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Discussion Starter #1
Well, it is official-the restoration of my Touring Spider #1115 is underway with the delivery of the body shell to the shop. I have been slowly amassing bits and pieces and information for this project for a couple of years now, so it is about time. The project is finally moving forward now that all "required" pieces are on hand thanks to the helpful assistance of Alfa BB members. Progress is likely to be a bit ponderous, but I will update periodically as it goes since I still have lots of questions, and possibly some new information to share.

Some info about the car: Manufactured on Dec. 14, 1959 according to Marco Fazio at CENTRO DOCUMENTAZIONE ALFA ROMEO, it was apparently originally sold in 1961, as that is how it is titled (California). The car was owned by my uncle as early as 1964, and he drove it as a daily driver for many years, and at some point installed a 2600 engine. The car was originally red (Alfa Rosa), but my uncle painted it the current light metallic blue in a successful attempt to reduce the number of speeding tickets he received. The car was parked in a garage in 1995 after experiencing an as-yet-to-be determined mechanical failure, where it remained until only a few years ago. It is my intention to return this classic to its original condition, with some mechanical improvements to improve reliability, as I do intend to drive the car once it is completed.

Steve
 

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Very nice project, I look forward to have some news.
Do you still have its original engine or will you leave the 2600 one ?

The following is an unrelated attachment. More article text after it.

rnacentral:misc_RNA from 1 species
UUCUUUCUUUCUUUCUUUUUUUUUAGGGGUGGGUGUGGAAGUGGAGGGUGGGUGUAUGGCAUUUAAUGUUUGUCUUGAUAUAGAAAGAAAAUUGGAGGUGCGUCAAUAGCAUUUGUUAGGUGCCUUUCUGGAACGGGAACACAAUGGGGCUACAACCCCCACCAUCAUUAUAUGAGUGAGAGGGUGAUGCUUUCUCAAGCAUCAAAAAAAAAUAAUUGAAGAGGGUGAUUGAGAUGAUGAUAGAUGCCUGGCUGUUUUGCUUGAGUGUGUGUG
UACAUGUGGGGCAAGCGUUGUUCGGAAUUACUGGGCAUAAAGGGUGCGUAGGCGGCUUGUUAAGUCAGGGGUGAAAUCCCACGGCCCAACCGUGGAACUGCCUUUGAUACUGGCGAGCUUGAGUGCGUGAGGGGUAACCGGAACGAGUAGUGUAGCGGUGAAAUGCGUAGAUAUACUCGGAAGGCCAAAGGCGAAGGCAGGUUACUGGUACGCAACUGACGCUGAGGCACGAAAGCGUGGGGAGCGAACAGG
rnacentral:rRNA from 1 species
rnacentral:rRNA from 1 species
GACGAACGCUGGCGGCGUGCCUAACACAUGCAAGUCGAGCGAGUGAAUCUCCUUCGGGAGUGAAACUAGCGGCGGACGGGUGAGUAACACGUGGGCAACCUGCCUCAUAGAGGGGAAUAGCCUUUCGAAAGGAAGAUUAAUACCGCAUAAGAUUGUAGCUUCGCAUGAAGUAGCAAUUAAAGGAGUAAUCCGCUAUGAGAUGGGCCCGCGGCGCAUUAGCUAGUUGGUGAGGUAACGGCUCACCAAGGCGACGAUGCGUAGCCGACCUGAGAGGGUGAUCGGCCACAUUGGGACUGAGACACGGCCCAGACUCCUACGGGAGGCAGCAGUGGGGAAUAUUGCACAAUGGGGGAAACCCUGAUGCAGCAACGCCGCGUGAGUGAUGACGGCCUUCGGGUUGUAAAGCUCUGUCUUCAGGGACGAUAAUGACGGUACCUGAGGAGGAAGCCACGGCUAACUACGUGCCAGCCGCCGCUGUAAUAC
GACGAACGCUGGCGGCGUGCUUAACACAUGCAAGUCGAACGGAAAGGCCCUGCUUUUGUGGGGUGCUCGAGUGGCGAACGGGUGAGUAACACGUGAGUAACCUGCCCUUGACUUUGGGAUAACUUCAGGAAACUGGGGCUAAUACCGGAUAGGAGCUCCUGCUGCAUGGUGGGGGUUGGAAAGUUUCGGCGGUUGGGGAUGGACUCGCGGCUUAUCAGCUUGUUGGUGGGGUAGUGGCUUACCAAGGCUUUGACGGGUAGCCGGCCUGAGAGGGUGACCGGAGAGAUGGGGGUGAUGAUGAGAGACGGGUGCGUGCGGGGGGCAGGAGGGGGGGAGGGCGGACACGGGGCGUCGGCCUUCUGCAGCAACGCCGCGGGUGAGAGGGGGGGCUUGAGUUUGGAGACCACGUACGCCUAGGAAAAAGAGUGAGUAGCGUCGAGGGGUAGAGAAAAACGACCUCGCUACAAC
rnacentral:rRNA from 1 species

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Discussion Starter #3
Hello Serge,
Yes, I have the complete original 2000 engine which will go back into the car. It had been sitting under a workbench in a garage for decades. Along with a complete overhaul, it will be upgraded a bit with higher compression and some other upgrades. I am hoping to convert to 9 mm valve stems so setting clearances will be less of an issue but I still need to determine how that can be done. Modifications to the radiator core support and hood will also need to be brought back to original.
 

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Looks like the rotisserie and hood fit the bill. Cool. Get the aircraft jack-stands yet? They're not expensive.
 

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Discussion Starter #6
Hi Don,
Yes, both worked out nicely. The rotisserie needed a bit of grinding on the back end as the rear pickup point appears to be slightly forward (a mm or two) compared to yours, and the front end suspension pickup points do not cradle evenly across the front rotisserie mount, but this seems to be within the variability of the body fabrication. The hood actually does not fit great, but the shape and size does seem to match the original well, which also did not fit that well. So, it appears that, at least in this case, the hoods are interchangeable. On both hoods, the gaps are uneven, being tighter, for example, at the rear corners, with bigger gaps on the straight, long sections (see pics). This is an interesting contrast to the doors, which have tight/straight gaps, and the trunk lid, which has wide/straight gaps. I wonder, is this typical?
 

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My hood is shifted somewhat forward. This gives a slightly narrow gap along the front edge, but matching on the two sides and rear.

Did you do the longer rod trick on your 102 engine?
 

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Discussion Starter #8
No aircraft stands yet. The shop does a lot of rotisserie work, so I have left it up to them to come up with a solution, although that option was discussed. The may choose to modify one of their existing setups. There is a 2600 currently at the shop as well, so the rotisserie might see quite a bit of action.